Who did the Russia-Africa summit benefit?

Beyond Moscow attempting to rally sympathetic voices, there were very few tangible takeaways for any of the attendees

Russian President Vladimir Putin, African leaders and heads of delegations at the second Russia-Africa summit in Saint Petersburg on Friday. AFP
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The Russia-Africa summit held in Saint Petersburg on Thursday has served as a morale-booster for Moscow. The Kremlin gathered heads of state and officials representing several African countries in the second edition of the summit focused on bolstering Russia’s bilateral relations with the continent. However, the summit’s impact on the strategic balance of power will be limited, considering the global turmoil caused by the war in Ukraine has left the international order lost without direction.

One of the main concerns for the African leaders is Moscow’s bid to bypass western sanctions and western presence in Africa, given the American and European determination to crack down on any circumvention of their measures.

During the summit, Russian President Vladimir Putin promised to provide free grain shipments in the coming months to six nations: Burkina Faso, the Central African Republic, Eritrea, Mali, Somalia and Zimbabwe. This move comes amid African concerns over Russia’s exit from the Black Sea Grain Initiative, a move Moscow attributed to western policies, as it accused the West of hindering the deal despite Russia’s commitment to it. The fact, however, is that it is Russia that refused to extend the agreement, which was sponsored by Turkey, triggering concerns of a global food crisis that would primarily affect Africa following the cessation of grain exports from Ukraine.

Moscow’s pitch at the summit did not include measures to protect African countries from sanctions imposed on Russia. Indeed, it is unable to provide such guarantees, given that the West would pursue and punish anyone who deals with Russia.

Moscow seeks to showcase to the world that its 'special military operation' in Ukraine has not diminished its global standing

On Thursday, Mr Putin said: “Russia was one of the first countries to respond positively to the initiative to grant the African Union full membership in the G20. We expect this decision to be taken as early as September during the G20 summit in New Delhi.” The question, however, is whether the African Union’s membership will hold significance in the G20, due to the western alliance’s growing strength in recent months.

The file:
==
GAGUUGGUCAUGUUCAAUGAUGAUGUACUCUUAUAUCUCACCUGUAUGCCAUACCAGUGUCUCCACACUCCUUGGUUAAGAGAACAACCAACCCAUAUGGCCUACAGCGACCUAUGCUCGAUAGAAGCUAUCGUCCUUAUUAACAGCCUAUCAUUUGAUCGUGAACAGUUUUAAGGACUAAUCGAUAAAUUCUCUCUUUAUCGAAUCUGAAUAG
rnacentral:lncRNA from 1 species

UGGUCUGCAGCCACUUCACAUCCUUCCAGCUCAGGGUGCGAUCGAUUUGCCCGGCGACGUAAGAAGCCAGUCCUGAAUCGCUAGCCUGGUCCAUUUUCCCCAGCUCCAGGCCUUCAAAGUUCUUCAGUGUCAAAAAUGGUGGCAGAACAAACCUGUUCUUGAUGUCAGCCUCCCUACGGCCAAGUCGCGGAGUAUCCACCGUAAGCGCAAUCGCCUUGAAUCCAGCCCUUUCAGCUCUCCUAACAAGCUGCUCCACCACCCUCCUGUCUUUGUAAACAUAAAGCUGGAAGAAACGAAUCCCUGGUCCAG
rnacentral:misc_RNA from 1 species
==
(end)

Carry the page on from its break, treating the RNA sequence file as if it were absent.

The tools with which the Russian government can exert influence in Africa are limited, too.

Some western governments have alleged that the private Wagner Group has played a crucial role in certain African countries on behalf of Moscow. If this is indeed the case, it is hard to say how much influence the militia will continue to wield following its mutinous advance towards Moscow in June.

Last week’s coup against Nigerien President Mohamed Bazoum, who has been largely aligned with the West, will be followed with keen interest by all the stakeholders. This is particularly the case as the Sahel has for years been subjected to competition between Russia and the West. Niger, it is important to point out, is rich in uranium and, therefore, important for the French nuclear industry. Following the coup, the EU and France cut off financial support to the country, with the US threatening to do the same.

Moscow seeks to showcase to the world that its “special military operation” in Ukraine has not diminished its global standing. However, the reality of the war has forced it to reduce its global military and economic presence elsewhere.

In Syria, for example, Moscow’s overt role to keep the Assad regime in power has waned. Iran, Damascus’s other ally, is meanwhile putting its “soft diplomacy” to the test after its recent Chinese-brokered rapprochement with Saudi Arabia.

The US’s military build-up in Syria worries Russia. The risk of an aerial clash between American and Russian aircraft and drones is present but not imminent, as both parties are determined to avoid direct confrontation. However, they are also determined to assert their presence in Syrian airspace and on its territory, and the shoring up of American military presence in the country has led Moscow to consider the drawbacks of reducing its military footprint there.

Russian diplomacy is now attempting to reassert itself, as it feels the need to rally sympathetic voices in forums such as the UN. That is why the Russia-Africa summit is important for its government, not only because it was held on Russian soil but also because it sets the stage for the upcoming UN General Assembly in September.

Russia’s promises to its partners in Africa and elsewhere are sincere, but they are likely to collide with a bitter reality – that today, it is unable to provide expansive aid, weaponry and finances to its friends, as it once could, due to western sanctions.

While free grain shipments may provide temporary relief (if they are delivered within the coming months), the repercussions of exiting the Black Sea Grain Initiative, as well as the consequences of the Ukraine conflict, are far more significant than any short-term remedies.

Published: July 30, 2023, 2:00 PM